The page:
No, you won’t need to have iPhoto running for this to work. Take some screenshots on your iOS devices and they’ll automatically start showing up in this folder.

The basics: make sure your devices have Photo Stream turned on, search for PNGs in Library > Application Support > iLifeAssetManagement > assets > sub, save that search and add it to the Dock.

Serving Retina Images to the New iPad

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Some great digging by Duncan Davidson and Steve Streza: turns out you have to save your JPEGs (that are over 2 megapixels) as progressive for them to be rendered correctly on the new iPad. Davidson:

After reverse engineering the limits and then later being pointed to the documentation about the limits, somebody suggested using a progressive JPEG file based on the observation that the large iPad hero image Apple uses is a progressive JPEG. I’ve not used progressive JPEGs in years, but following that suggestion, I gave it a shot. Lo and behold, it’s indeed the ticket to large JPEG joy on the iPad Retina display.

Interestingly though, Davidson isn’t convinced we should start saving all our JPEGs as progressive.

Startups, This is How Design Works

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A well designed site by Wells Riley, explaining what design means and why it’s important:

Companies like Apple are making design impossible for startups to ignore. Startups like Path, Airbnb, Square, and Massive Health have design at the core of their business, and they're doing phenomenal work. But what is ‘design’ actually? Is it a logo? A Wordpress theme? An innovative UI?

Read it, share it.

Slicy from MacRabbit

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The always great MacRabbit just released a beautiful tool for exporting PSDs into images. You name all your layers or layer groups with the filenames you want them exported as, e.g. “homeButton.png”. Slicy supposedly does the rest.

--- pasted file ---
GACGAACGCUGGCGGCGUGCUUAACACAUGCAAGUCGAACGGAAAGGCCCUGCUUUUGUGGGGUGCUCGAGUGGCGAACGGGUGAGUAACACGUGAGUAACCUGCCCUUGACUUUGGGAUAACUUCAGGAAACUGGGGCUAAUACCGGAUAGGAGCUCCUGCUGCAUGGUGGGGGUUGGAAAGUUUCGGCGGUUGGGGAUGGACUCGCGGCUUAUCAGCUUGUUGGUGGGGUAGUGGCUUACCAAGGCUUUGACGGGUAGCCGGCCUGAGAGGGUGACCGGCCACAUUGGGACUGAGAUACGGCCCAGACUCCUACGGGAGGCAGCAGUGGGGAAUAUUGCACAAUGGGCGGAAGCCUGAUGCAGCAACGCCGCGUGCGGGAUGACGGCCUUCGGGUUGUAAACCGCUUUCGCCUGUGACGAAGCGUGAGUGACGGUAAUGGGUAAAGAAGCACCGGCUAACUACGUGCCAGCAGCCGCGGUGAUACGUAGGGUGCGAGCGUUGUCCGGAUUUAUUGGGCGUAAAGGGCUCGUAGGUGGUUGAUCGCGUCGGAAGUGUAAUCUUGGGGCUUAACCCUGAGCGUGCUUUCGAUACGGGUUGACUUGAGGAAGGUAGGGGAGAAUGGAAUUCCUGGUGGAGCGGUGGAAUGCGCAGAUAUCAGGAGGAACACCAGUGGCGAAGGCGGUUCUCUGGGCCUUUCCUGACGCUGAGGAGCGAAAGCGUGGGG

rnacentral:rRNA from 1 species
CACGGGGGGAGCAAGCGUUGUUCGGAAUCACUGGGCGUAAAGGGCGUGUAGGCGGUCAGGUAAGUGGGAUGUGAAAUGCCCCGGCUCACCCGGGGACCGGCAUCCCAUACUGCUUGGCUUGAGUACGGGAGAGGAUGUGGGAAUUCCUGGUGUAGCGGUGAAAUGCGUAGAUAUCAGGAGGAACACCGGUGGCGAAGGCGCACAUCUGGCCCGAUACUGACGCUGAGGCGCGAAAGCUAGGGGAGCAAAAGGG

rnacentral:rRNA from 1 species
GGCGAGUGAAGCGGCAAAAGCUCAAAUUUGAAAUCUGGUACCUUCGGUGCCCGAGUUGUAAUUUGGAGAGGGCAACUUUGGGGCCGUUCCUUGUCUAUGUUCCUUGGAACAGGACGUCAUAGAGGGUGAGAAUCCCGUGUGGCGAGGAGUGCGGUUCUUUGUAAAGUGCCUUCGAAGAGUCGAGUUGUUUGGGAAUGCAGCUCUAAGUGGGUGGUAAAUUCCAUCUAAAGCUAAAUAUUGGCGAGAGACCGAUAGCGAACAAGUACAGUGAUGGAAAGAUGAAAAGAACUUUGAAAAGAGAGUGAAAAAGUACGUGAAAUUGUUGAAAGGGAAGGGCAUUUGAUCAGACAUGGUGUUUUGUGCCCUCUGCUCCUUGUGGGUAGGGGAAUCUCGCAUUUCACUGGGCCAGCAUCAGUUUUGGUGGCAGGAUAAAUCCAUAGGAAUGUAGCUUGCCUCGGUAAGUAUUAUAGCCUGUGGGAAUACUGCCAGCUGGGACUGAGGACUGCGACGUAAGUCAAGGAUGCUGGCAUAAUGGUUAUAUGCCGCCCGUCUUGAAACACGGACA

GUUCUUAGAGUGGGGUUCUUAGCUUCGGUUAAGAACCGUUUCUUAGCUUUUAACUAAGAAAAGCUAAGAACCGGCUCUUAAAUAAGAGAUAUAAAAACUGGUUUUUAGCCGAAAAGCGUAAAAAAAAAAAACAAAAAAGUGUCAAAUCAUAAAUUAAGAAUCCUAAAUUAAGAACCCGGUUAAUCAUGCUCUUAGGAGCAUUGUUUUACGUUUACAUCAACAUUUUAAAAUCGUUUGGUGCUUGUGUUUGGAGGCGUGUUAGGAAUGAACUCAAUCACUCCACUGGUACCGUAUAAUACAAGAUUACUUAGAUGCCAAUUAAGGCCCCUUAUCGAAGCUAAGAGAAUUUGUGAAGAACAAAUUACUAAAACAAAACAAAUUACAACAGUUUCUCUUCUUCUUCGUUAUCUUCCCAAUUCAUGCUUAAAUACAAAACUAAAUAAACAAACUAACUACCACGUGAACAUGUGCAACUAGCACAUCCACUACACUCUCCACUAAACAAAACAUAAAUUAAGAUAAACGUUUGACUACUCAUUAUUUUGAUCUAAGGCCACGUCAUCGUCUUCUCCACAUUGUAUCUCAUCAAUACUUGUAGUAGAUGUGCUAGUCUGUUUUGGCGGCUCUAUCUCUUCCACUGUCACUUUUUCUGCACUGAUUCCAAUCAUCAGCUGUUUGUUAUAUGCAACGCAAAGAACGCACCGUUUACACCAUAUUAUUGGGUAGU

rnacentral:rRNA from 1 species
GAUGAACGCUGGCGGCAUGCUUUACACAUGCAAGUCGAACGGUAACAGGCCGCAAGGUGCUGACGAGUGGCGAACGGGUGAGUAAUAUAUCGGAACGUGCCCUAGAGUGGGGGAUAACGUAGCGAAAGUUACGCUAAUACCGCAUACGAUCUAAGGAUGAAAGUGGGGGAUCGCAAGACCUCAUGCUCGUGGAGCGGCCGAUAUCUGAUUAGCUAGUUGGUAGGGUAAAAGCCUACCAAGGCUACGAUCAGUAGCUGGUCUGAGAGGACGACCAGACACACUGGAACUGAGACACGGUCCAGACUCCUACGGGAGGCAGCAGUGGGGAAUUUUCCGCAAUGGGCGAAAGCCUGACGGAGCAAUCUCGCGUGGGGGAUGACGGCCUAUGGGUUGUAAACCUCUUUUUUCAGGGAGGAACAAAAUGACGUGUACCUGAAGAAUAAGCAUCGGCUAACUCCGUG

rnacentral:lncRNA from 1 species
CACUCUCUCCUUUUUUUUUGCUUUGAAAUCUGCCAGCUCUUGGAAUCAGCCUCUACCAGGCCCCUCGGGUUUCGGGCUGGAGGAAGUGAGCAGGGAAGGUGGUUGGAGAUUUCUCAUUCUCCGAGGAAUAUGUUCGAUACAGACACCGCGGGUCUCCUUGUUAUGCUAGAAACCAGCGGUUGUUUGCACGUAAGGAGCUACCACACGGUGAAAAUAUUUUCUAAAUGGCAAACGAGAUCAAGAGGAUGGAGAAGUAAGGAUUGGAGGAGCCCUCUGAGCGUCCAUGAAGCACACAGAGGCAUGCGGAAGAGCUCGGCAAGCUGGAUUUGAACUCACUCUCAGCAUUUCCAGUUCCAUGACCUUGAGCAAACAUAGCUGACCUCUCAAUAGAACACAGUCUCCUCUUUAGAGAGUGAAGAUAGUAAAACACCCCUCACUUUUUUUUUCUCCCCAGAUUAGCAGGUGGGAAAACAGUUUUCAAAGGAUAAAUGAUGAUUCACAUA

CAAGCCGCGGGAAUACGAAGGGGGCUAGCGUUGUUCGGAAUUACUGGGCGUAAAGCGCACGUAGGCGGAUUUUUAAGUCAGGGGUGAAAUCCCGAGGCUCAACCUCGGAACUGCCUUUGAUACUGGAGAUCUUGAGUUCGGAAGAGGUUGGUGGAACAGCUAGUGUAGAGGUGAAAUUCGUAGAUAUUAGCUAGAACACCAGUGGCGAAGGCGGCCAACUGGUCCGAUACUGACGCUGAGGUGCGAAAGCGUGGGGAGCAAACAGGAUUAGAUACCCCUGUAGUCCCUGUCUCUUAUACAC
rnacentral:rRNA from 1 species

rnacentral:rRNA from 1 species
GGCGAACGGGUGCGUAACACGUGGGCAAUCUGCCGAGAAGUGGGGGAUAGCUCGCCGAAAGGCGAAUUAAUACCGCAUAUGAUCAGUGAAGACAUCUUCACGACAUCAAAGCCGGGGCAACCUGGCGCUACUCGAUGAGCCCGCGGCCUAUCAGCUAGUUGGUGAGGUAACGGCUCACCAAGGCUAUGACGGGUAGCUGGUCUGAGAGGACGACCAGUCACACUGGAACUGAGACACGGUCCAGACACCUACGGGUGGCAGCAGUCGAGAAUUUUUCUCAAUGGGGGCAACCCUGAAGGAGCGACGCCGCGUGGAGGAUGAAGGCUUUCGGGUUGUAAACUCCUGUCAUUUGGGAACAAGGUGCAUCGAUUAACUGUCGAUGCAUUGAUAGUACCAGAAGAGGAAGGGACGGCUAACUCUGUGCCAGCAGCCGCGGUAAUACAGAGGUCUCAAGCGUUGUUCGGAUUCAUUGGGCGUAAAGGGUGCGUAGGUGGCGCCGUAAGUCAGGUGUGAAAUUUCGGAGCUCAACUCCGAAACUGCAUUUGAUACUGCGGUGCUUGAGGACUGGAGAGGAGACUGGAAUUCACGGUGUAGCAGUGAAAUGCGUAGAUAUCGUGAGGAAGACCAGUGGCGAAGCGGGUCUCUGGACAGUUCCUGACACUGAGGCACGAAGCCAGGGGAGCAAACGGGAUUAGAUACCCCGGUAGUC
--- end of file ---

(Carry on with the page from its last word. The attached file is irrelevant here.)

I always find it hard to get these automation tools to fit with my workflow, but Slicy looks promising. Worst case, I guess, I will name all my layers.

Slicy is 30% off for a limited time on the Mac App Store.

Keynote UI Library

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For those interested in using Keynote as a design tool, Keynotopia has a huge Keynote interface library for sale (iPad, iPhone, Android, Windows Phone, the list goes on).

[Via DF]

Minify CSS and Javascript with Minicode

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Minicode lets you minify your CSS and Javascript files in a simple and fast way from your OS X Dashboard. Drop any CSS or JS file on Minicode and you’ll get a minified version saved to the same directory as the original file, with “.min” appended before the file extension.

Minicode uses the awesome YUI Compressor. As you drop a file in the dropzone, the shutter goes down, your file shrinks, the shutter goes up and your file is saved. It’s as easy as that — no setup, just drag and drop any file.

Minicode runs as a OS X Dashboard widget and joins Loremify as another free handy little tool for designers and developers.

Download Minicode (1 mb)

If you have any feedback or ideas for improvement, ping me on twitter.

Minicode uses the YUI Compressor and thus requires Java. As of OS X 10.7, Java is no longer shipped with OS X, but it is very easy to install. If you try to minify a file without Java installed, Software Update will prompt you to install Java, and it will handle the setup for you.